Kansas Supreme Court

CHARLIE RIEDEL-ARCHIVE PHOTO / Associated Press

In the summer of 2005, the Legislature butted heads with the Kansas Supreme Court over a ruling that ordered an influx of money to public education.

The result? Kansas came closer than ever to a constitutional crisis.

Celia Llopis-Jepsen / Kansas News Service

Kansas lawmakers began groundwork Monday for their response to the Kansas Supreme Court’s order to fix school finance by this spring. The same day, a Hiawatha senator announced he will seek to curb the court’s powers through a constitutional amendment.

Stephen Koranda / Kansas News Service/File photo

The Kansas Supreme Court is divided over whether a law requiring criminal offenders to register with local authorities after prison represents extra punishment.

A 4-3 majority has concluded that registration for sex, drug and violent offenders is not extra punishment. Its latest decision came Thursday in the appeal of Djuan Richardson.

He was convicted of selling cocaine in Sedgwick County in 2003 and pleaded guilty to violating the offender registration law in 2011. He later sought unsuccessfully to withdraw that plea.

Stephen Koranda / KPR/File photo

Updated at 9:22 a.m. Tuesday

Kansas lawmakers soon will start work to determine their response to a ruling by the state’s Supreme Court that found K-12 public school funding unconstitutional.

Orlin Wagner / AP

Last week the state lost again at the Kansas Supreme Court, which unanimously ruled that Kansas is underfunding its public schools, with repercussions for academically struggling children across the state — and especially for students and taxpayers who live in resource-poor school districts.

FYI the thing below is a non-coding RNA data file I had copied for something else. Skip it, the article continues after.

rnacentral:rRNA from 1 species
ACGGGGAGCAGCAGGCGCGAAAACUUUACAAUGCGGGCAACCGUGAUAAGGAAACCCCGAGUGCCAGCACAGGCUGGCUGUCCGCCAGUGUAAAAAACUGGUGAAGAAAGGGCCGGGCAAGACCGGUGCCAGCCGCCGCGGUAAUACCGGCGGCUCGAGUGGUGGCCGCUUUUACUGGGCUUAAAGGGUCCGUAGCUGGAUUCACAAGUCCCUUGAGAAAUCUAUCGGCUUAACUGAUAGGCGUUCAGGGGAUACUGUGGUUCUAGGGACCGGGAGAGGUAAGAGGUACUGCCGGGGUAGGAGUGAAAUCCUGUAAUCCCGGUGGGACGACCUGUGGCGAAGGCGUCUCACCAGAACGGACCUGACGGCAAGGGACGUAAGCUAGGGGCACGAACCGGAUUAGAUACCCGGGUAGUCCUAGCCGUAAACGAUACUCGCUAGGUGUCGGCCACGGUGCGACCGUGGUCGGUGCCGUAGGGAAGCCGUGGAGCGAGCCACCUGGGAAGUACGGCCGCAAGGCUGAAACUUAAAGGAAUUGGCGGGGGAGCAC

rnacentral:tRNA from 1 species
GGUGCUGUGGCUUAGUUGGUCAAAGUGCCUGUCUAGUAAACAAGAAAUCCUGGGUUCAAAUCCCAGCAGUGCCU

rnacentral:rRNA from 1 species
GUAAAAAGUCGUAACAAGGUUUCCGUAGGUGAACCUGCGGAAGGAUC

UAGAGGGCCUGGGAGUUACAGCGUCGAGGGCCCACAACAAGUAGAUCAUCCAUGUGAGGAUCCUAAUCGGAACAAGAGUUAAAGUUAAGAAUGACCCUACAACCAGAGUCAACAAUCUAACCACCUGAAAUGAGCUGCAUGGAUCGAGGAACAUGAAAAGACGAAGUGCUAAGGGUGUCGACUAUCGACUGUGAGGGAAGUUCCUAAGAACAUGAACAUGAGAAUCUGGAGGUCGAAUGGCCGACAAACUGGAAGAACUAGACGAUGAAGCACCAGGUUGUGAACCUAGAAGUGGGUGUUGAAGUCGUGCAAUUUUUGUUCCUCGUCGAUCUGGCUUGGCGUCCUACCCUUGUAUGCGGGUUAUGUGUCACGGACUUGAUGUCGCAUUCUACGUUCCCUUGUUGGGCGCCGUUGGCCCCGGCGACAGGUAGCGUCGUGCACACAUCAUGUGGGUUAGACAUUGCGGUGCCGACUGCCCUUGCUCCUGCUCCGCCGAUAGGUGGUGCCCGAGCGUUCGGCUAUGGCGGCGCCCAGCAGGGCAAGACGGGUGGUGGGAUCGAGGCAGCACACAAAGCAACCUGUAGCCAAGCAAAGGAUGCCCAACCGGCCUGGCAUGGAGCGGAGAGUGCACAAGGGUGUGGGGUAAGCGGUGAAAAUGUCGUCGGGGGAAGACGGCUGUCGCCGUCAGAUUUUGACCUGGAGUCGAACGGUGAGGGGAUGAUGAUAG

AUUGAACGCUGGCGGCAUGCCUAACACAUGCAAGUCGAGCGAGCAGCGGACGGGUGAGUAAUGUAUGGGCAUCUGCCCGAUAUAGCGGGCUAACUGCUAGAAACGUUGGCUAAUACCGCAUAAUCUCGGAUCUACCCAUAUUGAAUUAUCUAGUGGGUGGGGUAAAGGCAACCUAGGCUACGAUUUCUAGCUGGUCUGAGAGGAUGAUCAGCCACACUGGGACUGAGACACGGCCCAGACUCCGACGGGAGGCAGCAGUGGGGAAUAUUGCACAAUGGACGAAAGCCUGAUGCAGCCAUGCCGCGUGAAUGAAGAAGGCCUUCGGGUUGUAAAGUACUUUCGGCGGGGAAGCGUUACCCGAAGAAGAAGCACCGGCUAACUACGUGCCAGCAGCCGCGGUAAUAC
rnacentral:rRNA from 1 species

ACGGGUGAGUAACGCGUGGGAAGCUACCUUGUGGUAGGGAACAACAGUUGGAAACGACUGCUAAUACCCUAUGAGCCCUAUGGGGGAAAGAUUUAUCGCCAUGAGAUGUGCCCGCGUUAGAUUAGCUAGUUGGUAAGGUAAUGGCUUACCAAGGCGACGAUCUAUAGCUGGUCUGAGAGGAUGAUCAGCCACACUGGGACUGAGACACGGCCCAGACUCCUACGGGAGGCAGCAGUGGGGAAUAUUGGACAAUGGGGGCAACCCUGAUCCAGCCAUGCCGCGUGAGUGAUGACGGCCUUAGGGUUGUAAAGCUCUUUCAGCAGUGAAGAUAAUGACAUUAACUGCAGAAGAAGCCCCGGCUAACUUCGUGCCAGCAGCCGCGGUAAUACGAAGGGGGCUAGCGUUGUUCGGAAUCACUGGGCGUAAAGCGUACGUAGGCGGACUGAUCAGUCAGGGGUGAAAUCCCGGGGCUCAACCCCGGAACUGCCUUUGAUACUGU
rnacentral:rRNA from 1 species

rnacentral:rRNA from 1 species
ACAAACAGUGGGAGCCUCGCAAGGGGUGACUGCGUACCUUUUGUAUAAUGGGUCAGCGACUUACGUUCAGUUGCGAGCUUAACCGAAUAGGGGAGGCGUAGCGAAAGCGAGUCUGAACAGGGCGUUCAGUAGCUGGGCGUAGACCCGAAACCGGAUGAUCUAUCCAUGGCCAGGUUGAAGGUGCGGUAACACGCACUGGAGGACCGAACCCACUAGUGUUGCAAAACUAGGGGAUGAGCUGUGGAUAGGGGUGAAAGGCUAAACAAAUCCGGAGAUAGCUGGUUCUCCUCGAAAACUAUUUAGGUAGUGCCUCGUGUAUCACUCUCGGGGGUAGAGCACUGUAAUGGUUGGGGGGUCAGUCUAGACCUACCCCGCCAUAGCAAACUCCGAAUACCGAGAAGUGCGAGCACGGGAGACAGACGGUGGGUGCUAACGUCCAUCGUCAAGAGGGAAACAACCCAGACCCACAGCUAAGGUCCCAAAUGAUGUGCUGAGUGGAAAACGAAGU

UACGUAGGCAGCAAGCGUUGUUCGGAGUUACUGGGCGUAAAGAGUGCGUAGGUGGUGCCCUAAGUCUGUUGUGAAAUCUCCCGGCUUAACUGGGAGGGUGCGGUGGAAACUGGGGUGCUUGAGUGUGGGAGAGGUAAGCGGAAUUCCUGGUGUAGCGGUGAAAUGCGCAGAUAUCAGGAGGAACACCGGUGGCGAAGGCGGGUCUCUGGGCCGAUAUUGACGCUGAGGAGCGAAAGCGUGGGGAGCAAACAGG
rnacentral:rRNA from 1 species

Nadya Faulx / KMUW

Wichita Public Schools officials say the Kansas Supreme Court ruling on Monday, which finds that the state’s school funding formula is unconstitutional, is a “positive thing for Kansas kids.”

Orlin Wagner / AP

Updated Oct. 3 at 10:05 a.m.

The Kansas Supreme Court on Monday struck down the state’s aid to schools as unconstitutionally low — and unfair to poor school districts in particular. The decision could pressure lawmakers to increase school funding by hundreds of millions of dollars. 

Celia Llopis-Jepsen / Kansas News Service

As dozens of Kansas school districts spar with the state over funding for public education, the term “Rose standards” has emerged as arcane but critical jargon among lawyers and judges, and surfaced over and over again in court documents.

Wichita Public Schools

The Wichita Public School Board voted unanimously Monday to approve the district’s budget for fiscal year 2018.

The nearly $683 million budget reflects an increase in state aid. In total, USD 259 has more than $20 million in new funds for the current school year.

Christopher Sessums / flickr Creative Commons

Today is the first day of school for some Wichita students; USD 259's official first day is Wednesday.

As students return to class, the big question looming over Wichita Public Schools and other districts in Kansas is whether the state’s school funding formula is constitutional.

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